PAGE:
Carolina Forest church sweeps for old bombs after finding Army shells

Celebration Presbyterian Church in Carolina Forest and the grounds that have been swept for any old bombs.

A pair of unexploded military shells were found on the grounds of Celebration Presbyterian Church in Carolina Forest during installation of a new lawn sprinkler system last year.

Now, the church is paying a hefty price to make sure workers won't dig up any more unpleasant surprises on church grounds.

Rev. Tom Dendy says the World War II-era shells were handed over to the Horry County bomb squad, which safely disposed of them.

But Dendy says to prepare the land for future development, the church felt the need to clear the thick woods on church property and have contractors sweep all 12 acres, to see if any more ordnance is still there.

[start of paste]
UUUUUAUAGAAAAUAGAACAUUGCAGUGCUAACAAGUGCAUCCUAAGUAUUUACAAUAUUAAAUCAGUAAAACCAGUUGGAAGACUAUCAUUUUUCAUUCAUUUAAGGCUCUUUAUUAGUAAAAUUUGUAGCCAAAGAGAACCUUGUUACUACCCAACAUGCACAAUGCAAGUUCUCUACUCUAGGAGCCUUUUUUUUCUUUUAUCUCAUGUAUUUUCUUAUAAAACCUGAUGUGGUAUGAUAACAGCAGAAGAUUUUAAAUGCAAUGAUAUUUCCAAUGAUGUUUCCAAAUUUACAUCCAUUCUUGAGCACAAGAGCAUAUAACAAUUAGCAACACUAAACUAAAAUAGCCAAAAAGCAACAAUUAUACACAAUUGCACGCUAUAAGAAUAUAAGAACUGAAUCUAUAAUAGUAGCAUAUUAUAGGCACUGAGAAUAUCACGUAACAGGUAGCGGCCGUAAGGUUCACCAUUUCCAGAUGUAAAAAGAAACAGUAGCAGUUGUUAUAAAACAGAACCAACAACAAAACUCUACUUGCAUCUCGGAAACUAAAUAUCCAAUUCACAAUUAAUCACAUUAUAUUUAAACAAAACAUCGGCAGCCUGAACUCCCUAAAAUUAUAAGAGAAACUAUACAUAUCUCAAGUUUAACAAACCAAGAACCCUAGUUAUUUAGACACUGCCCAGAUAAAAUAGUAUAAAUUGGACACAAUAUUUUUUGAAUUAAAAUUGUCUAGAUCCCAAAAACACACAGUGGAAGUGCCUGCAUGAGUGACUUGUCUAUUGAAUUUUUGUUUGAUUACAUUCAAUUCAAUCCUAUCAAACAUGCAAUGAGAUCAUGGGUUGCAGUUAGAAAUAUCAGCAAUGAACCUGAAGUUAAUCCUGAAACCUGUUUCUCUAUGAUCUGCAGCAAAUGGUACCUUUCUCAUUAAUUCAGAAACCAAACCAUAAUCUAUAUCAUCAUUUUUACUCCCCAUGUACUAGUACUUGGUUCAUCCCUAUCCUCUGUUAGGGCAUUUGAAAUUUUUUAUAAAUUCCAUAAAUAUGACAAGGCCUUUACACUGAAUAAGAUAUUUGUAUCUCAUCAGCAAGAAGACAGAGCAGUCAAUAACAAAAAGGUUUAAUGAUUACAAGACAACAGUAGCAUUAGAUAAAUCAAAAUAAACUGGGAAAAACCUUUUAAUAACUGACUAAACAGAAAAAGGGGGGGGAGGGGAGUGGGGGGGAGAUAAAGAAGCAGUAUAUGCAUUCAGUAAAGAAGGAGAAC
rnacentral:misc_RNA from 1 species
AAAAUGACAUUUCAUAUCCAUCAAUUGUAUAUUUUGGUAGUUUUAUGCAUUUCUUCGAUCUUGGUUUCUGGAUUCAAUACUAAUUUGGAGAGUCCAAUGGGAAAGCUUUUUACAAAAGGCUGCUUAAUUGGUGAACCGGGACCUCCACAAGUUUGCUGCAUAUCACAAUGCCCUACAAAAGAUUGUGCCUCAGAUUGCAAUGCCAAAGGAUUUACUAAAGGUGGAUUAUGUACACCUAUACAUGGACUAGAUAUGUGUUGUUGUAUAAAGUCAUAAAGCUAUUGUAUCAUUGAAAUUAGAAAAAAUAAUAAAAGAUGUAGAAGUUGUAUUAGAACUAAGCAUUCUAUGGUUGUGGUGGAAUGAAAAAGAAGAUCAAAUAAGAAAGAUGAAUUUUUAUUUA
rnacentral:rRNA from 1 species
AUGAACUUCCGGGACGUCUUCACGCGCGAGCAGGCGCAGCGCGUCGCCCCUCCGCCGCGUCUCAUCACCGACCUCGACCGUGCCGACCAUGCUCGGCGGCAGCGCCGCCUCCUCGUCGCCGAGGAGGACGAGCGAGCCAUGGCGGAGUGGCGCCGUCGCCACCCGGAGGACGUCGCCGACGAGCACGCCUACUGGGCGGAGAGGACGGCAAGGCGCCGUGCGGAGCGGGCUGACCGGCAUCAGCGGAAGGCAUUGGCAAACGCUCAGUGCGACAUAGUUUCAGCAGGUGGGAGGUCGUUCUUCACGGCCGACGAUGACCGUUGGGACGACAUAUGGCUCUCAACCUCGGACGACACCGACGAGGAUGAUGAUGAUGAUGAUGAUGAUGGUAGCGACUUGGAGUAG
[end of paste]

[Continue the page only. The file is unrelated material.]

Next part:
The work will not be cheap.

"It's roughly in the neighborhood of a half a million dollars," Dendy said.

Local historians say what is now Carolina Forest was an Army bombing and gunnery range from 1942 to 1947.

Finding old ordnance in the area today is not unusual, but Dendy doesn't know why the church property wasn't completely swept for bombs when the church was built in 2002.

"It so predates me that I don't have an answer for that. It's a mystery," said Dendy.

Dendy hopes the federal government will reimburse part of the cost of the sweep, since it was the Army that caused the ordnance to be there.

How much the church might get is as well hidden as the old bombs.

"That's left to the lawyers, I guess, and the government," he said.

U.S. Army Corps of Engineers spokesman Bill Birdwell says Army Corps officials will consider several factors, including the total cost of the project and whether the work meets government standards, but he says the kind of claim for reimbursement that the church plans to make is quite common.

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